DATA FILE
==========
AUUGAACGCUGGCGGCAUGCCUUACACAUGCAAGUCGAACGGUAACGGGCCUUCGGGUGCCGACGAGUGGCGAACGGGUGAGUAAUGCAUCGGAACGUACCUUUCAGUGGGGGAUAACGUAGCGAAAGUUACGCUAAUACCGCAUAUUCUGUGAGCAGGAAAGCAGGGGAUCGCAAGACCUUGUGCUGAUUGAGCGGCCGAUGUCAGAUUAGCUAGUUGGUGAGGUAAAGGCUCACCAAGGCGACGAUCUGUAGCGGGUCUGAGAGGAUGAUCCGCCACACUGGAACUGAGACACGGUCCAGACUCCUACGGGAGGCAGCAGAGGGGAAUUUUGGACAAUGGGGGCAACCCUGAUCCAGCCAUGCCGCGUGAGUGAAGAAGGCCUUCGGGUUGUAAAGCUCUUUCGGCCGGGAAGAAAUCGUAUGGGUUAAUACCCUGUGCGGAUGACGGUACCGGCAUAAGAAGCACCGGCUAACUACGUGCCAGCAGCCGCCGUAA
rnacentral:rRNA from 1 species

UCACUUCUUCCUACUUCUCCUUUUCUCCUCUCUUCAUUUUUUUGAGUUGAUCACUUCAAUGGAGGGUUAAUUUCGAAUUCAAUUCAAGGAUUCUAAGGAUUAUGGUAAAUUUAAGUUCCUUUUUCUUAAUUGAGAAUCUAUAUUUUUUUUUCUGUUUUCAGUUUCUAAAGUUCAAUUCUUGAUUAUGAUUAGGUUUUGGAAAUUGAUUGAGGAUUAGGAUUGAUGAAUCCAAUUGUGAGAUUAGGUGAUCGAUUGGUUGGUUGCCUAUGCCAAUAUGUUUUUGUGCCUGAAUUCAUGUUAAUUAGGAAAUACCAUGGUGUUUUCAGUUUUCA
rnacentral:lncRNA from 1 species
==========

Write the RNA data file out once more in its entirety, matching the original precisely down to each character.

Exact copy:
AUUGAACGCUGGCGGCAUGCCUUACACAUGCAAGUCGAACGGUAACGGGCCUUCGGGUGCCGACGAGUGGCGAACGGGUGAGUAAUGCAUCGGAACGUACCUUUCAGUGGGGGAUAACGUAGCGAAAGUUACGCUAAUACCGCAUAUUCUGUGAGCAGGAAAGCAGGGGAUCGCAAGACCUUGUGCUGAUUGAGCGGCCGAUGUCAGAUUAGCUAGUUGGUGAGGUAAAGGCUCACCAAGGCGACGAUCUGUAGCGGGUCUGAGAGGAUGAUCCGCCACACUGGAACUGAGACACGGUCCAGACUCCUACGGGAGGCAGCAGAGGGGAAUUUUGGACAAUGGGGGCAACCCUGAUCCAGCCAUGCCGCGUGAGUGAAGAAGGCCUUCGGGUUGUAAAGCUCUUUCGGCCGGGAAGAAAUCGUAUGGGUUAAUACCCUGUGCGGAUGACGGUACCGGCAUAAGAAGCACCGGCUAACUACGUGCCAGCAGCCGCCGUAA
rnacentral:rRNA from 1 species

UCACUUCUUCCUACUUCUCCUUUUCUCCUCUCUUCAUUUUUUUGAGUUGAUCACUUCAAUGGAGGGUUAAUUUCGAAUUCAAUUCAAGGAUUCUAAGGAUUAUGGUAAAUUUAAGUUCCUUUUUCUUAAUUGAGAAUCUAUAUUUUUUUUUCUGUUUUCAGUUUCUAAAGUUCAAUUCUUGAUUAUGAUUAGGUUUUGGAAAUUGAUUGAGGAUUAGGAUUGAUGAAUCCAAUUGUGAGAUUAGGUGAUCGAUUGGUUGGUUGCCUAUGCCAAUAUGUUUUUGUGCCUGAAUUCAUGUUAAUUAGGAAAUACCAUGGUGUUUUCAGUUUUCA
rnacentral:lncRNA from 1 species